The government’s announcement to inject two billion dollars into the economy to strengthen the Ghana cedi against the other currencies, especially the dollar, appears to be having the intended impact on the performance of the cedi.
Recent reports from Bloomberg show that the cedi depreciated by 18.21 percent in the first quarter of this year.
But analysts have confirmed that the cedi has gained about eight percent appreciation on the trading market in the last few weeks.
The cedi’s battle against the US dollar has always been one-sided – with the local currency’s struggles well documented.
It is almost certain that any news report on the cedi has always focused on how much of its value it has lost against the US dollar, occasionally interspersed with bouts of positive performance.
The year 2022 has recorded some of the worst performances from the local currency, depreciating by 18.2 percent against the US dollar, according to Bloomberg.
The continuous hike in fuel prices on the global markets, the Russian-Ukraine war, and the high rate of inflation are some of the factors that account for this situation.
Data from the Bank of Ghana shows that the first quarter of 2021 saw a bit of stability in the cedi’s performance on the interbank market against key major trading currencies, with the local currency experiencing a depreciation of about one percent throughout the first 3 months of the year.
However, the same period this year has seen a continuous depreciation of the cedi.
The local currency started the year selling at about GH¢6 per dollar, but ended the month of March selling at GH¢7.12 per dollar, representing a depreciation of about 17 percent in the first three months of 2022.
Although the cedi is currently selling at GH¢7.11 on the interbank market, stakeholders say this is an appreciation of the currency in the last few weeks.
They attribute this to the fact that people have been speculating about a stable currency following the government’s announcement to pump an amount of two billion dollars into the economy to check the cedi.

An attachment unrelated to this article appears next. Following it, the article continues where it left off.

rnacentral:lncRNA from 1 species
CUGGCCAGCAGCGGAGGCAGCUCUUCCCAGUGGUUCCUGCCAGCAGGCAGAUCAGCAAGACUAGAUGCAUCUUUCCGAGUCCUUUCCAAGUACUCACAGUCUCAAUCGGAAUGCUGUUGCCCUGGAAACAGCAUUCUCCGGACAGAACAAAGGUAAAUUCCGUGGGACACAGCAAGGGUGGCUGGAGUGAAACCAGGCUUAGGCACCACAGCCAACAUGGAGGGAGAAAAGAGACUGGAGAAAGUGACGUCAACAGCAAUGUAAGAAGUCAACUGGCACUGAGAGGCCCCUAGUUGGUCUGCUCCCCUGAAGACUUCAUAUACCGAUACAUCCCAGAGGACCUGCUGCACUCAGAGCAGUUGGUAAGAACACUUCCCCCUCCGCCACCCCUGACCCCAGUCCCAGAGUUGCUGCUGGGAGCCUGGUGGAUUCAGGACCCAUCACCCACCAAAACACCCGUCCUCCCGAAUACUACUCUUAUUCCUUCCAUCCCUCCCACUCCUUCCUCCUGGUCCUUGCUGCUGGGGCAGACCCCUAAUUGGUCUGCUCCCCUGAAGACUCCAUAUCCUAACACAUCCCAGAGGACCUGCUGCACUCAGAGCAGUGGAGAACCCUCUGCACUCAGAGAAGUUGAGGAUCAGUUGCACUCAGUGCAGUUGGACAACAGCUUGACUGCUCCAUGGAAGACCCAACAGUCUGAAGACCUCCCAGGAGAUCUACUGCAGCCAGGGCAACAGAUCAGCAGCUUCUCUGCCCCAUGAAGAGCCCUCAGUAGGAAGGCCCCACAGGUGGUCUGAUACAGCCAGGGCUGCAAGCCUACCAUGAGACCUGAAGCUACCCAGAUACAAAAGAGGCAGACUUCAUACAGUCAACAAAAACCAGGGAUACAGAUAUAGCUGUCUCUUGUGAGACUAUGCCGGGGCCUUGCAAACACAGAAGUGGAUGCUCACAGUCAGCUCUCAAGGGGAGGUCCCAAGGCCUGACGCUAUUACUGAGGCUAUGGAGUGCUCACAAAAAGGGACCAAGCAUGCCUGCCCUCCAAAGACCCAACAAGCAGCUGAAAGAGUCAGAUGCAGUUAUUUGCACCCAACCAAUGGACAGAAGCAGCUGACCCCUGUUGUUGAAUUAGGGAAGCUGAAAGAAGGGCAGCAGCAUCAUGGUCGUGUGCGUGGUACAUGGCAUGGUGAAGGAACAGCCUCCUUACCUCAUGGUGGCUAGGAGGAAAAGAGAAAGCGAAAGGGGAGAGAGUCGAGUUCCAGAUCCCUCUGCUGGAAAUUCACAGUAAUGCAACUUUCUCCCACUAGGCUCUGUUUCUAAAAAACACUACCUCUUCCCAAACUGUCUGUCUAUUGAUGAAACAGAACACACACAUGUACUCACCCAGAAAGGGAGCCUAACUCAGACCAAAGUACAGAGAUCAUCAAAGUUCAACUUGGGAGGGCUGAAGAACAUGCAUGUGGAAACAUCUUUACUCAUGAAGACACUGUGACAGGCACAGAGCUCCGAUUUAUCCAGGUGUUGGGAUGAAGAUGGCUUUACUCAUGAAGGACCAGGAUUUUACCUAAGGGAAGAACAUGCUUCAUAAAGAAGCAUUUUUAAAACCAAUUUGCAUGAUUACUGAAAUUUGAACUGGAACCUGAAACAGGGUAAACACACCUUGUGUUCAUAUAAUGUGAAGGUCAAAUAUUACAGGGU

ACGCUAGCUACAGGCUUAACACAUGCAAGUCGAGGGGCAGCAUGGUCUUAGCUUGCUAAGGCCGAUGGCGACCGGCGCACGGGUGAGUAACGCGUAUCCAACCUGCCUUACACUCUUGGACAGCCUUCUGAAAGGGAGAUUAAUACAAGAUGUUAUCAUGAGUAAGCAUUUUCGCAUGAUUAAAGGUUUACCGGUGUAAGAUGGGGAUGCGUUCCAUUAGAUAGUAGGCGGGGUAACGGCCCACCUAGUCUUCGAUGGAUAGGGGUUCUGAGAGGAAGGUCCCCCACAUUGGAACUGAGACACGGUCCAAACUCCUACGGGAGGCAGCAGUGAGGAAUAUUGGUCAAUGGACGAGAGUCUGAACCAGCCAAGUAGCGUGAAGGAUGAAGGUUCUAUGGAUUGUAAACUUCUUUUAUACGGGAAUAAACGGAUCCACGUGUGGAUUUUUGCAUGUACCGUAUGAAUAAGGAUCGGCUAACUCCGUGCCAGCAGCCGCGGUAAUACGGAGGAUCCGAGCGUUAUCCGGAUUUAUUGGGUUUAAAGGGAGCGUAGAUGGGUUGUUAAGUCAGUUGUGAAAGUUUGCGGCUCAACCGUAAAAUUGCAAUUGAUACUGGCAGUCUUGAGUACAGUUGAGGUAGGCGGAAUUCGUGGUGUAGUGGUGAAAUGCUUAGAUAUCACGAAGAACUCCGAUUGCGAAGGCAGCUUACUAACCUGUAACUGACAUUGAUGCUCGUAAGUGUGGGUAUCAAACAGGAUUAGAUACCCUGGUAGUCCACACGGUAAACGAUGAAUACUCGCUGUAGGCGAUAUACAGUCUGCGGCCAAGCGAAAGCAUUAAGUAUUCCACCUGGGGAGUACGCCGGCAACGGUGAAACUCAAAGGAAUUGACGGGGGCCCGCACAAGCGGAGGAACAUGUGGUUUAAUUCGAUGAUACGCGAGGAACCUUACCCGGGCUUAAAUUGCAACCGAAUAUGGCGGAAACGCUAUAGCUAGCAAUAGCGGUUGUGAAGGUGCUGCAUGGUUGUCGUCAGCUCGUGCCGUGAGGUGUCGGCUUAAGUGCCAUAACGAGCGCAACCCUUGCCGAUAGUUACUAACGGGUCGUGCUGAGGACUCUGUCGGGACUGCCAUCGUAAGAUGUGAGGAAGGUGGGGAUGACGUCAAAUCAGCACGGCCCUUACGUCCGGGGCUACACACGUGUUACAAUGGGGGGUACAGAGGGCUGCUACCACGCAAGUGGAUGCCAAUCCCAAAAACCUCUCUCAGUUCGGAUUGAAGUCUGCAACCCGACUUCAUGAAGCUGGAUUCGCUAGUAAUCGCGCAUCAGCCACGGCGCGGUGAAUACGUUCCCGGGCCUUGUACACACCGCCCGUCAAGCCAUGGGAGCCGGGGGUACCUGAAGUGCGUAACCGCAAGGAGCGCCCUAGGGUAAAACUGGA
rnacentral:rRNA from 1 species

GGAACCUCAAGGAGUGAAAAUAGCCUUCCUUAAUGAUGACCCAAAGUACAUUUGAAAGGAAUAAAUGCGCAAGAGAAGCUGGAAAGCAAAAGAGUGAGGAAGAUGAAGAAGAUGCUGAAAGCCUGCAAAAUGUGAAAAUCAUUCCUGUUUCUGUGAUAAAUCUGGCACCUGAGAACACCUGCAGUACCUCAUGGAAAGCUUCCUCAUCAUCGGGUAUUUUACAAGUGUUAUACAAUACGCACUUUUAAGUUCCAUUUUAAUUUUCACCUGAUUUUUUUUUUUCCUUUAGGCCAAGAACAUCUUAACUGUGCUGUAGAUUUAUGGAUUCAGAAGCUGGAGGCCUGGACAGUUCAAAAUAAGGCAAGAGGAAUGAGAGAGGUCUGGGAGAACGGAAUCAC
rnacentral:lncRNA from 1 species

Figures on the retail market, however, provide stronger evidence for the appreciation of the cedi.
Before the Finance Minister’s announcement, the cedi was seeing about 30 percent depreciation against the dollar, selling at GH¢8.50 compared to GH¢6.50 in the early parts of this year.
However, the local currency is now selling at GH¢7.50, translating to an 11 percent gain in the last few weeks.
President of the Ghana Union of Traders Association, a group which constantly deals with the currencies in their daily transactions, confirmed this to Citi Business News.
Dr. Joseph Obeng said, “When the dollar was GHS7.6, I came to say that our capitals have been depleted by about 16 percent. And then later I came to say we were going to about 25 percent. That was when the dollar was about GHS8.4. Now it has come back towards the GHS7.6. So it’s reducing and we believe that this will help businesses.”
Kingsley Ayensu is a Foreign Exchange trader at Access Bank Ghana and he explained to Citi Business News what exactly is accounting for the change in behavior of the cedi and what the way forward is.
“The Finance Minister’s announcement coupled with other factors have helped bolster the cedi. It affected people’s perception especially since behavior on the dollar is largely based on speculation. People rather thought that the cedi has hit its limit and would also turn backwards and so it led to people who were hoarding dollars letting go of it to increase supply of the dollar on the market.”
He continued, “Again, the increase in monetary policy rate also affected investments because people will rather now want to keep their investment in cedi because they’ll get more rather than converting to dollars.”